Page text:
The past few years, I have preferred to buy transplants from local garden centers. I figured, they are the pros, let them decide when to start seeds. I will just select the healthiest, best-grown transplants for my garden. Unfortunately, the garden centers also get to choose which varieties to plant or purchase. Last year, there were a number of varieties I wanted to plant but I could not find the transplants.
So this year I chose to buy seeds and start some seedlings myself. I am not new to this. I have started seeds in the past. I have the heat mat, the domed trays, and the grow lamp on a timer with a fresh full-spectrum bulb. I purchased seeds and made a planting schedule, So how did things work out?
Actually, not so good. Usually the two problems I have with seed starting is plants becoming leggy from inadequate light and plants becoming overgrown before I can transplant them. This year, the problem was a general unhealthiness and failure to thrive, true across all seedlings I planted. So what is different this year?
In the past, I have used traditional soil-less mixes based on peat moss and perlite. This year I used a starter mix based on coconut coir placed in peat strips, and some coir pellets for the cool weather items like lettuce, chard and escarole/endive placed in a small cell tray. The cool weather items would quickly go into the garden while the tomatoes, peppers and eggplants would grow on under the lamp.
Most seeds germinated fairly fast on the heat mat with a dome covering the tray. I had problems with a few of them. The Striped Roman tomatoes all damped off and were reseeded. I only got one cilantro to germinate even after re-seeding the strip twice. The major problem was that after germinating, all of the plants seemed to struggle, showing very little growth. Initially green, they started to lose color. Fertilizing with fish emulsion and then with an inorganic soluble fertilizer did not help. The seedlings were stunted and failed to add new sets of leaves. I wondered about the coir in the planting mix, the only change from past practice. Then I came across this research paper which pretty much describes what was happening to my seedlings.
I do not have a lot of documentation of what happened because I did not set out to fail, nor was I interested in running an experiment. I was just trying to start transplants for my garden. I can show you a few examples of what happened.
Here is a Matt’s Wild Cherry tomato. The plant on the left was transplanted into my SFG on Saturday, May 26. The plant on the right is a sibling still sitting in its coir-infested peat pot. This picture was taken on May 31, five days after transplant. You can see the transplanted tomato is greener and is stretching out, actually starting to grow. Both looked similar on transplant day, I simply picked the best of the sorry lot. If you look at my planting schedule, you will see that seeds were planted March 24 and they germinated on March 31. The transplant in the peat pot you see below has been growing for TWO MONTHS and looks like this. It has been watered, fertilized and given adequate light.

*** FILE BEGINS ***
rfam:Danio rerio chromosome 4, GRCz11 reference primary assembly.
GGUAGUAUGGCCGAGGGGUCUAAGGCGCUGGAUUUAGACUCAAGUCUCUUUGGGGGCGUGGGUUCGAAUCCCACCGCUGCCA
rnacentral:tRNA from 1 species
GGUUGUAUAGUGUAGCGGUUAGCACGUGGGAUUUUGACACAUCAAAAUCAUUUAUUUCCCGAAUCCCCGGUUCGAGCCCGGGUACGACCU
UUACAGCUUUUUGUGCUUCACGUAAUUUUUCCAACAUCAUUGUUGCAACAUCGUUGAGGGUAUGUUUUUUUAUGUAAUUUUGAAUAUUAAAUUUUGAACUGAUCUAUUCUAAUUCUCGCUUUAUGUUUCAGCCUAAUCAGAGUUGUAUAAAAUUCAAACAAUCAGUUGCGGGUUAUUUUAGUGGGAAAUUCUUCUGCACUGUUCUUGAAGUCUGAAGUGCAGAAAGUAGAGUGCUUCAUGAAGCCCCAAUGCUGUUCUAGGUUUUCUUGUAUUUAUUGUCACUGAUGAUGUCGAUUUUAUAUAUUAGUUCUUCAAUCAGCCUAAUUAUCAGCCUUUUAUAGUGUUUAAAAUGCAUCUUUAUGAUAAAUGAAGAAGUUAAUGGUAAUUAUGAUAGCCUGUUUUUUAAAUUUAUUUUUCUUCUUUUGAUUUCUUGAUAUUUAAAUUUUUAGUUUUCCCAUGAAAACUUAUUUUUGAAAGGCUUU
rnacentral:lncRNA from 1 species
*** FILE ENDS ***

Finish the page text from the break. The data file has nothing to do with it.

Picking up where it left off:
The sickly looking transplants below are Escarole Natacha. The plants just above them looked similar when they were transplanted on April 21, a month before, but are now green and growing lushly in Mel’s Mix. I started a second set of transplants for succession planting, which are the sickly transplants below. I am hoping they will now recover and start growing as well.
Below are transplants of Endive Dubuisson, and above them the same transplanted on April 21 along with the escarole.
Finally, in the middle row here are transplants of Broccoli Di Ciccio, germinated on March 22. They still are tiny plants but show less discoloration than other seedlings. The study I cited seemed to indicate that broccoli was more tolerant of coir than other species.But still, they are stunted in growth so much that I went out and bought replacement transplants, I did plant two of these several weeks ago but they are essentially not growing. I think I would do better now just direct seeding these. Come on, these plants germinated on March 22 and this picture was taken June 1.
I can tell you now I will never buy a coir-based planting mix again. The stuff I have is going into the compost bin where its negative properties will hopefully be diluted..I do use coir as bedding material in my worm bin and that has worked OK. But as a planting medium, based on my involuntary experience, coir is detrimental to plant growth and should not be used